Sunday, December 07, 2008

Day of resurrection

At the end of the morning Eucharists, there had been no visit to the scene of crime by anyone from the police, even though I met two local Community Support Officers yesterday and told them what had happened. They promised then, when we met at two in the afternoon, to check that an investigating officer had been assigned to make a visit. After all, we wanted to clear the damage and make things look presentable again. Faced with the mess, Pauline and I were bothered about doing nothing at all, as it looked so distressing to passers-by.

Brief discussion convinced us that it was right to get on with the job, carefully bagging the 'evidence' of the discarded alcopop bottle, to pass on if anyone did bother to contact us or just showed up from Central Police Station some time, and collect in the broken pieces to see if anything could be done with them.

One of Pauline's spare time interests is collecting Beswick china horses. She often buys damaged ones from eBay and does effective repairs on them. She was keen to see if she could do anything with the scores of tiny shards and bigger pieces, which had laid unexamined on the ground in the locked churchyard for thirty six hours.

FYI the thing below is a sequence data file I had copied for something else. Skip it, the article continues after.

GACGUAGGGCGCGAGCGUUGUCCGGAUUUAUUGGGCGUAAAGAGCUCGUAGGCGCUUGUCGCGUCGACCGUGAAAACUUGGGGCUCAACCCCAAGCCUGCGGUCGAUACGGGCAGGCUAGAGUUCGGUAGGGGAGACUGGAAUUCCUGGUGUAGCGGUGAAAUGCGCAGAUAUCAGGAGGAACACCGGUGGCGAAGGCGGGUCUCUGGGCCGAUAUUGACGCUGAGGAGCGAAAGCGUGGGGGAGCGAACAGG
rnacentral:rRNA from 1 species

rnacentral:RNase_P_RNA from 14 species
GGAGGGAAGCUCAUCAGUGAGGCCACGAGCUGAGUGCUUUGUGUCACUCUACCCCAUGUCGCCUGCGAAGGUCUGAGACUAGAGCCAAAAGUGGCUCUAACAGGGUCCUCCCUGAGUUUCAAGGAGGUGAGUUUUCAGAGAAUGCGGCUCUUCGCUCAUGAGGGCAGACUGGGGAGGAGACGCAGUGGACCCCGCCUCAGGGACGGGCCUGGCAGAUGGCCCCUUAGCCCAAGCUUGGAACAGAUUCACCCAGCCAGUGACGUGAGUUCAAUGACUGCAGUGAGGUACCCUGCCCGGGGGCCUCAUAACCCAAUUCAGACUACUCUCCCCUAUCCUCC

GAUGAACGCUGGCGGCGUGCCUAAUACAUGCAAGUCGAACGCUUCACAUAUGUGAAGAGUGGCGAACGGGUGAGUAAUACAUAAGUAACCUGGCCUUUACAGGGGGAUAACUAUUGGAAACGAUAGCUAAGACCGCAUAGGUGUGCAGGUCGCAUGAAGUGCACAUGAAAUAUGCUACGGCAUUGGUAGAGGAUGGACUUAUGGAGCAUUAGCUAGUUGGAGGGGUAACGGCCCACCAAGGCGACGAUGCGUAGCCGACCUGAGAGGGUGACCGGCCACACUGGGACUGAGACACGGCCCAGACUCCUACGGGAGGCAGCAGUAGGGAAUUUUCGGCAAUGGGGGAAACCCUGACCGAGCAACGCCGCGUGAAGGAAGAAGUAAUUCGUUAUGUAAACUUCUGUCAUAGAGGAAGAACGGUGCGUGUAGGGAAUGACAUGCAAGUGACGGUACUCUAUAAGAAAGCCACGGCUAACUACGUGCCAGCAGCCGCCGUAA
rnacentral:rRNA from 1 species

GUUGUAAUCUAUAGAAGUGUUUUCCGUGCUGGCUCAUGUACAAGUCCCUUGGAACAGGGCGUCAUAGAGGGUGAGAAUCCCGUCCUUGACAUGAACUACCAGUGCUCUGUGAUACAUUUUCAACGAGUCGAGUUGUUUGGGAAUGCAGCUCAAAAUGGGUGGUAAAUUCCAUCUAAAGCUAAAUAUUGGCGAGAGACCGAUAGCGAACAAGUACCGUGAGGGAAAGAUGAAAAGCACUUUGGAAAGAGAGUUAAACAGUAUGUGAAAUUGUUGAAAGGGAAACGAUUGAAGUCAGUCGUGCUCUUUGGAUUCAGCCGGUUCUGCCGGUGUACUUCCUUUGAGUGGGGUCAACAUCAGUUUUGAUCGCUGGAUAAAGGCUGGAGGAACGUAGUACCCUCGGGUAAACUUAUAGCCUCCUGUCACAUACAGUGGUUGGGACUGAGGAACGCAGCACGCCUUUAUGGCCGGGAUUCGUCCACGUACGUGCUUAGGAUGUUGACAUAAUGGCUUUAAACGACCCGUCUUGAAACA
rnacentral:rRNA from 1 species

When I arrived for evensong, she was there already, grinning with triumph. "Easy, all done and back in place", she said "Baby Jesus was only decapitated. It was the crib that shattered and took the force of the blow." I went to inspect, and was delighted to see that the figurine was resplendent on a bed of real straw lining a small brown papier-maché tray, such as supermarkets use to sell food products. If anything, it looked even better like this. Everyone at church shared the pleasure of the moment. "We couldn't let them win, could we?" She added, before we turned our thoughts to prayer.

You can't tell that the figure of Jesus is broken, lying there. But the story of the last 36 hours adds something extra, powerful and symbolic, to the meaning of this image of His birth.

I texted Steve from City Centre management when I got home from church to tell him the good news. Since we last spoke yesterday, he'd been in touch with Norman Sayer, Cardiff and South Wales' eminent local providor of roundabouts and big wheels for special occasions, to see if he could help with an emergency figurine. It turned out that Norman employs a professional model maker, as there's always repair work of this kind needed in fair-land. He was happy to offer to get a replacement figurine made. Someone else emailed me overnight in addition, and offered to pay for a new figurine. How quickly evil can be overcome by good!

There are times when it is impossible to see how any good can be drawn from evil situations. A small experience of this kind is what keeps the dynamo of hope turning over and shedding light in darkness.

No comments: